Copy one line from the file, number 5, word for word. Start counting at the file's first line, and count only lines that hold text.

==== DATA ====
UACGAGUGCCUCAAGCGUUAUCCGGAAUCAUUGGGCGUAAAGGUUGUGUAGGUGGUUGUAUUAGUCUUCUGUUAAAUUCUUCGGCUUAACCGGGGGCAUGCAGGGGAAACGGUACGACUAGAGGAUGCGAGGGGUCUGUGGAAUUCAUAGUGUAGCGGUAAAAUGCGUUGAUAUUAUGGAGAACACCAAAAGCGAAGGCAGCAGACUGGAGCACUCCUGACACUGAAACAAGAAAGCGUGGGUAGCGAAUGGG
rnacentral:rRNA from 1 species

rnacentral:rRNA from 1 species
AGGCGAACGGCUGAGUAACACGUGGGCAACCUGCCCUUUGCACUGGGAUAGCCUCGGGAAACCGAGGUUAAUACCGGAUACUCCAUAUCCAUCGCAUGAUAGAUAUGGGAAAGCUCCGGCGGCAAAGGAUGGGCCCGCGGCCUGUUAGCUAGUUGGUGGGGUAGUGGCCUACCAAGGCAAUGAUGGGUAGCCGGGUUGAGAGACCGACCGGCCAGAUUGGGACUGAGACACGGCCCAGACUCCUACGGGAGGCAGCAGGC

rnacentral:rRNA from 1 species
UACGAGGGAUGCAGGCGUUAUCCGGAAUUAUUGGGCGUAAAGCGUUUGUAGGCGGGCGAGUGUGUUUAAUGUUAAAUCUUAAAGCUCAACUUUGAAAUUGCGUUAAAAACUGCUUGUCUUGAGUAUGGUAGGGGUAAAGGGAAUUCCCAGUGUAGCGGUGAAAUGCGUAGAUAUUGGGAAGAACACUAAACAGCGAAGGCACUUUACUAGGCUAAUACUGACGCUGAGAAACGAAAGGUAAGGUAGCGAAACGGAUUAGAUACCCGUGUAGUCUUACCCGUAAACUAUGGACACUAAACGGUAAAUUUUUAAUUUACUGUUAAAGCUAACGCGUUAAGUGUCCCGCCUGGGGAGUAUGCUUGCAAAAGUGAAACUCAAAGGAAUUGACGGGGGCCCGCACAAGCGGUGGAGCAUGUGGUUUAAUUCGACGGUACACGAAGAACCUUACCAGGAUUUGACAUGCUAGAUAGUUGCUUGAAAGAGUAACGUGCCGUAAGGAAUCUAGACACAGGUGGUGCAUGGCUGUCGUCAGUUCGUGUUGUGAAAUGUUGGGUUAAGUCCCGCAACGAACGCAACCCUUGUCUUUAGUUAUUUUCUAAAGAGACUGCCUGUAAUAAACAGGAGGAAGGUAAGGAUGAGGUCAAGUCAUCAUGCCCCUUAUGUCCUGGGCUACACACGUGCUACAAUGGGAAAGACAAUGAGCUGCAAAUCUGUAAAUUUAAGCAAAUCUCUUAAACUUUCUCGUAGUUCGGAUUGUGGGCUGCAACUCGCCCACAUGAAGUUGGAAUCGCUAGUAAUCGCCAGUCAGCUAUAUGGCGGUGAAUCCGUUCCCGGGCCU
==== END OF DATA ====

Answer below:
rnacentral:rRNA from 1 species